Scott Dochterman of the Cedar Rapids Gazette raised a bit of a furor on this side of the Missouri River by suggesting that the Nebraska-Iowa football game could move off of the Friday after Thanksgiving.
"We haven’t seen the schedule yet, (we) haven’t done it yet," said Mark Rudner, the Big Ten’s senior associate commissioner for television administration. "It could be Iowa-Minnesota in the last week. Nebraska-Wisconsin. We just don’t know."
Many people thought that Iowa and Nebraska had agreed to play on Black Friday moving forward, but it turns out that's only if the game is scheduled to be played on Thanksgiving weekend. And that's apparently not assured.
The response from Iowa? Meh.
The response from Nebraska? Pretty strong, though it's not so much about playing Iowa. It's about playing on Black Friday period.
Some people feel that playing on Black Friday is a Nebraska tradition. Truth is that if it's a tradition, it's a relatively recent tradition. Many people think Nebraska/Oklahoma when they think of Black Friday, but those teams rarely met on Black Friday. The Game of the Century in 1971? Thanksgiving Day. Game of the Century, Part II in 1986? The week before. That classic 1978 Billy Sims-fumbles-at-the-three-yard-line/Kelly-Phelps-knocked-unconscious game? Two weeks before Thanksgiving. Nebraska and Oklahoma have only played ten times on Black Friday.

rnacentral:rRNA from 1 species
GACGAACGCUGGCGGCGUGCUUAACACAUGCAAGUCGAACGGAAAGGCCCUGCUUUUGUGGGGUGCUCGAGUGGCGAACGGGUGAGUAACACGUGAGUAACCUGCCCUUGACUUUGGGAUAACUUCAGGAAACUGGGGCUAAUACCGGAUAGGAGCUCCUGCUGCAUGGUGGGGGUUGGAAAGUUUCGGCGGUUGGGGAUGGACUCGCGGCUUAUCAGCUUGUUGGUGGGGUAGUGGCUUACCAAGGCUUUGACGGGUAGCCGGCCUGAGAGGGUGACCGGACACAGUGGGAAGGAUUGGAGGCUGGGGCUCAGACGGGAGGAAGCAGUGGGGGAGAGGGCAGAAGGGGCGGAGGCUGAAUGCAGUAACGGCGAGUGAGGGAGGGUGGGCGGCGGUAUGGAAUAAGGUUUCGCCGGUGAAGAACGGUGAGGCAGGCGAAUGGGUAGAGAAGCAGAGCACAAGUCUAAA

Who has Nebraska played the most on Black Friday? Colorado. (15 times) And looking forward, Iowa would be the opponent seven times, barring any future schedule changes.
Here's your question, Husker fans: Do you really consider anything involving Colorado and Iowa to be some sort of tradition?
There is one good reason to play on Friday: no other Big Ten games that day. There are other college football games that day, though, so it's not like Nebraska gets unfettered television coverage. LSU/Arkansas usually play that day, and there are a handful of other games. But now that ABC has started to dictate 11 am start times for this game, even that's not much of an advantage.
The downside is that some fans don't get the Friday after Thanksgiving off. Financial markets are open, as are every retail establishment in the country. So this game is more inconvenient for those fans, many who wouldn't even be able to use vacation time.
The Big Ten has thrown out Wisconsin as a possible opponent. That certainly would be a bigger name matchup nationally, though the holiday would make it more difficult for fans to travel to an away game. Would Madison be quite the same place if many of the students were watching at home instead of inside Camp Randall?
Personally, the luster of a "big" matchup Thanksgiving weekend lost something when the conference championship games came to be. When Nebraska and Oklahoma met, the trophy typically went to the winner. That doesn't happen until the week after now. And with Michigan/Ohio State that same weekend, any Nebraska game on Thanksgiving weekend won't get the attention it deserves. So why not play those "big" games another weekend when it can be the "B1G Game of the Week"?
Who should Nebraska play the last week of the season? And should the game be on Friday or Saturday?